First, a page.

Looking at how politics was changing nationally and in other cities, Daley realized in the late '70s that if his brother wanted to win office, he would have to use television and opinion polling to craft an appeal to the city's new immigrant groups and increasingly independent electorate. Equally important, Bill Daley understood that his family had to break with the growing conservatism of Chicago's white Democrats.

Typically, he insists that this was not a betrayal of his father's legacy but a return to the politics that Richard J. Daley espoused when he first ran for mayor in 1955 as a liberal, anti-corruption reformer. "He came in as a reformer and cleaned up," Bill Daley says of his father. In this case, Daley's history is correct. As political scientist Paul M. Green has shown in The Mayors, Richard J. Daley abandoned liberalism only after challenger Benjamin Adamowski attacked him in the 1963 election for devoting too many resources to the city's poor. Before then, his principal critics were reactionary white ethnics, not the lakefront liberals and militant South Side blacks who later banded together to deny his delegation seats at the 1972 Democratic National Convention. Bill Daley encouraged his brother to defy Chicago's mayor, Jane Byrne, and the remnants of the Chicago machine and make common cause with the same liberals who had battled their father in 1972. In Springfield, Rich joined Netsch in fighting to remove the sales taxes on food and medicine. Then, in 1980, Bill Daley advised his brother when he ran for Cook County state's attorney. His opponent was their father's former protege Ed Burke, who was endorsed by Byrne and Representative Dan Rostenkowski. With Bill as his campaign manager, Rich Daley ran as an anti-corruption liberal, backing, among other things, merit selection of judges, which removed a traditional source of patronage.

Through the skillful use of advertising, Daley also successfully appealed to suburban and lakefront voters hostile to the machine. Rich Daley's victory signaled the final collapse of the machine—and the reemergence of the Daley family as a power in Chicago politics. But Bill Daley didn't save just his family's political fortunes; he also helped save Chicago's. In the '80s, Chicago looked like it was becoming a racial Beirut. Some of the city's blacks, long denied an equal role in the machine, were turning toward demagogues like former Representative Gus Savage; ethnic Democrats, meanwhile, were increasingly practicing the politics of white backlash.

But rather than follow Los Angeles's Sam Yorty or Philadelphia's Frank Rizzo and turn sharply to the right, the Daleys developed a Chicago version of the Third Way. In 1983, Rich Daley ran for mayor, with Bill Daley as his campaign manager once again. Facing off against Byrne and Representative Harold Washington, an African American, Bill Daley ordered that the campaign avoid any appeal that could be construed as racial. "One of the things Bill was quite adamant about was no ugliness, no racial anything," recalls Netsch, who was the campaign's chairman.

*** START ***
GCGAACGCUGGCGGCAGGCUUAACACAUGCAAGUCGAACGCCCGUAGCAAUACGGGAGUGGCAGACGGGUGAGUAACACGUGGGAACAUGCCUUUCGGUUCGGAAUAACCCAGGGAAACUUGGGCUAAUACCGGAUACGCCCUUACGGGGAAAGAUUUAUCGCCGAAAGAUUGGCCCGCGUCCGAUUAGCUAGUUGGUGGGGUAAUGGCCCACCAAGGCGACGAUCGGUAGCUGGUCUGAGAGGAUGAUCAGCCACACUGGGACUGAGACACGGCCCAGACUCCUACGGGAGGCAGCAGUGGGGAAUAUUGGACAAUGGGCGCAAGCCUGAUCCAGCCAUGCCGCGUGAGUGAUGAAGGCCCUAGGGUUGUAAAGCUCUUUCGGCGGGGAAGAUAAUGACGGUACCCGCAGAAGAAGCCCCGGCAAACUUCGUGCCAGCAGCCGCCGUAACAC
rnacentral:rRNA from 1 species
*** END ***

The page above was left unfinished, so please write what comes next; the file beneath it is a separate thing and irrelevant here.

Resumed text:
After Washington won the primary, Bill Daley broke sharply with other white ethnic leaders and attended Washington's unity dinner. Rich Daley quietly endorsed Washington, while Byrne and many other prominent Democrats either sat out the election or endorsed Washington's Republican opponent. After winning reelection, Harold Washington died in office. And, in 1989, Rich Daley ran for mayor again, with Bill Daley again in charge of the campaign. In the general election, Rich Daley faced the extremes of Chicago politics: a former machine Democrat turned Republican defender of white power and an African American Democrat turned independent who was backed by black nationalists. At his brother's urging, Rich ran as the candidate of racial reconciliation. Bill Daley recruited Avis LaVelle, a prominent black radio reporter, to be his brother's press secretary, and he won the support of Latino Alderman Luis Gutierrez and, more broadly, of the growing bloc of Hispanic voters. Bill Daley's legacy in Chicago has been obscured by his brother's subsequent success in office—Rich Daley has been reelected three times and now enjoys support throughout the city, including in black wards. As the youngest brother, Bill Daley remained perpetually behind the scenes—"he had an unusual ability to subjugate his own ego," says David Axelrod, who worked with the Daleys in Chicago. But, according to people close to the campaigns, Bill Daley crafted the new approach that won his oldest brother the mayor's office. He developed the strategy of moderate reform and racial reconciliation that allowed Rich Daley to navigate the troubled waters of Chicago politics in the '80s and become in the next decade one of the most successful mayors in the country.